JEC Group to highlight latest composites technologies at upcoming international auto industry events
Composites pavilions are organized by JEC Group and supported by major composites manufacturers will showcase composites solutions for the automotive industry.
JEC Group (Paris, France) announced May 28, it invest in composites pavilions at key automotive events in Europe, America and Asia.
“The automotive industry makes up 20% of the total composites market with promising opportunities for lighter, stronger and more efficient materials in the years to come,” says Ms. Frédérique Mutel, JEC Group President & CEO. “[Composites] offer new design opportunities, enable a reduction in tooling investment and allow several functions to be integrated in one, on top of their corrosion and impact resistance. Furthermore, composite materials contribute to the development of a new generation of cars, offering innovative battery integration solutions for electric vehicles, as well as a new generation of fuel storage tanks for hydrogen-powered vehicles.”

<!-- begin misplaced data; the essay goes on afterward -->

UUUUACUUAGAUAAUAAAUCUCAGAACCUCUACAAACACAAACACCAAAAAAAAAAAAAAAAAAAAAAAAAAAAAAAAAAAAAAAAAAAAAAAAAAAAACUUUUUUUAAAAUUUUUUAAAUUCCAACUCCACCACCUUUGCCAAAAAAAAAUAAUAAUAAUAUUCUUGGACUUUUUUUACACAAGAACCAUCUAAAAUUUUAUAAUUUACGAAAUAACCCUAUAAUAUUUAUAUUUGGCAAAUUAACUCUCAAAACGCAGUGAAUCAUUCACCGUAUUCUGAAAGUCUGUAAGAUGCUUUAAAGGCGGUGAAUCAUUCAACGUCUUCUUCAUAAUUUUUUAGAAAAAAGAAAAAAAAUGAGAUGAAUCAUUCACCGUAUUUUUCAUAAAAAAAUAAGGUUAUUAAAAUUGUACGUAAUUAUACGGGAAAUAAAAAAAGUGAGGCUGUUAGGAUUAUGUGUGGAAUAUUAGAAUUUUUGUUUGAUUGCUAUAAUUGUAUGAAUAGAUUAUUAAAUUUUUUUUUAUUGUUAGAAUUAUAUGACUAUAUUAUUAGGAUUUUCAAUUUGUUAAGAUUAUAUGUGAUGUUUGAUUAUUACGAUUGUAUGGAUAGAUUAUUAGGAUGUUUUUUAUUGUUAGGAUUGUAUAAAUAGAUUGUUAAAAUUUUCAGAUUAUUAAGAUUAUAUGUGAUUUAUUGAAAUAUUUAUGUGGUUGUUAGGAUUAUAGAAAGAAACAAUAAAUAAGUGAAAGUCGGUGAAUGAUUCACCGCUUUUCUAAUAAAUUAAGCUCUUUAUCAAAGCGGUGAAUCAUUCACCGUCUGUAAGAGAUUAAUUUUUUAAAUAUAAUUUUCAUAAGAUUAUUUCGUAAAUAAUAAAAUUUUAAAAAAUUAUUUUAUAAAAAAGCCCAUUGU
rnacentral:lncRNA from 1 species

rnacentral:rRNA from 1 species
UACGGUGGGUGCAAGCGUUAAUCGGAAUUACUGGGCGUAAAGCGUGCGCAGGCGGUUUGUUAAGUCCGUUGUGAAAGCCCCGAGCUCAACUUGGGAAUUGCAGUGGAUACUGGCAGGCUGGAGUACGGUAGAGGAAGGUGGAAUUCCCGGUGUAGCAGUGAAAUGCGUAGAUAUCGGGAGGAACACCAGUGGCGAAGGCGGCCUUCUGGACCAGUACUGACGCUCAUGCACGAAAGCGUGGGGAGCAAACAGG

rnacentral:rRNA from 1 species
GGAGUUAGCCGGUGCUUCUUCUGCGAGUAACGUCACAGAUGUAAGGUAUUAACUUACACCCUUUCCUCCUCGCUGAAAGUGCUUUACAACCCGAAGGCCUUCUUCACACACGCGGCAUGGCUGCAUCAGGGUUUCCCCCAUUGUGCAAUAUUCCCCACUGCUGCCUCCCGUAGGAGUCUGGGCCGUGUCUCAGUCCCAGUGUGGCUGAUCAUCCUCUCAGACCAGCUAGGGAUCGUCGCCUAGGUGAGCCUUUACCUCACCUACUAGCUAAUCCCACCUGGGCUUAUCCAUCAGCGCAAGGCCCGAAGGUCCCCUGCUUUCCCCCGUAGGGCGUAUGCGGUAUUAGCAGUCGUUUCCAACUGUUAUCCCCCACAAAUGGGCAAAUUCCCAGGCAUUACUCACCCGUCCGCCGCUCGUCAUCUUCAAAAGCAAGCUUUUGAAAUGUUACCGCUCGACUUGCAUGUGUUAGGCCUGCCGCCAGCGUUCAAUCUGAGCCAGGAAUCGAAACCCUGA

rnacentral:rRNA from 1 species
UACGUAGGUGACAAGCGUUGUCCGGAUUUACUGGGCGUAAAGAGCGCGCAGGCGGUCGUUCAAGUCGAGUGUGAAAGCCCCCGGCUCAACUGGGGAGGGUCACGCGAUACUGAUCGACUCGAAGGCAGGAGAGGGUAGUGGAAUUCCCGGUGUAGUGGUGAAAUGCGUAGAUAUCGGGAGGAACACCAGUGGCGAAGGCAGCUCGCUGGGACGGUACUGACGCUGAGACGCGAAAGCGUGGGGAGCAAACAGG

The first of the JEC organized pavilions will be at Mondial.Tech Paris, part of Paris Motor Show, held October 2-6, 2018 in Paris, France. The composites pavilion will include an innovation showcase, presentations and networking activities. The second composites pavilion will be at the North American International Auto Show in Detroit, MI, US January 14-18, 2019. Additional events, particularly in Asia, are being planned to cover the global automotive market.
Although the composites pavilions are organized by JEC Group, they will be supported by major composites manufacturers. These combined efforts will enable stands to showcase several solutions provided by composites for the automotive industry.
Composite parts are formed in molds, also known as tools. Tools can be made from virtually any material. The material type, shape and complexity depend upon the part and length of production run. Here's a short summary of the issues involved in electing and making tools.
Fiber-reinforced plastic (FRP) replacing coated steel in more reinforced-concrete applications.
The matrix binds the fiber reinforcement, gives the composite component its shape and determines its surface quality. A composite matrix may be a polymer, ceramic, metal or carbon. Here’s a guide to selection.